Last week Nature borrowed the tried-and-true women’s magazine come-on, offering 20 tips. Hey, if it’s worked for years selling articles on flat abs and mind-blowing sex, why not public understanding of science?
The writers of these tips include conservation biologist William Sutherland, mathematician David Spiegelhalter, and Mark Burgman, whose affiliation includes a school of botany and a center for excellence for biosecurity risk analysis.
In a preamble, the authors say the tips are aimed at politicians, civil servants, policy advisors and journalists.
“We suggest that the immediate priority is to improve policy makers’ understanding of the imperfect nature of science. The essential skills are to be able to intelligently interrogate experts and advisers and understand the quality, limitations and biases of evidence.”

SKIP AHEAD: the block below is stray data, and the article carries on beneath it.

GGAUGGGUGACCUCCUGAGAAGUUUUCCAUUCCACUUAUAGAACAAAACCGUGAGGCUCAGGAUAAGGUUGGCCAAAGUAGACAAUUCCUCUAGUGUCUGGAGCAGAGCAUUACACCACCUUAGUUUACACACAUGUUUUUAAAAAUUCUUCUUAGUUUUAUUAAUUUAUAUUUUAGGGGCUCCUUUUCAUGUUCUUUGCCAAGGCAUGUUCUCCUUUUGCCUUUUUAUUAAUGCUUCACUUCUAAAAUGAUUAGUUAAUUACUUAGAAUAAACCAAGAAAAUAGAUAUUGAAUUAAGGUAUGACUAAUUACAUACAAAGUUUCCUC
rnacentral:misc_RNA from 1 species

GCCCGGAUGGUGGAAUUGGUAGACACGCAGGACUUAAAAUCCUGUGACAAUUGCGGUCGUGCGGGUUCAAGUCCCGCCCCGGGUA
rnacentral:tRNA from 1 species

The tips all seem geared for evaluating individual medical and social science claims. Some of the tips are good for pointing to ideas that are not obvious to the general public but might be to people trained in science. The first tip is that differences and chance cause variation. That’s an important one, except that their statement “the real world varies unpredictably” is weird. Is the gravitational constant or the speed of light or the mass of the electron not part of the real world? I think I understand what they meant, but there is a better way to express the role of statistical noise, especially since high school science deals largely with the relatively predictable laws of Newton and Kepler.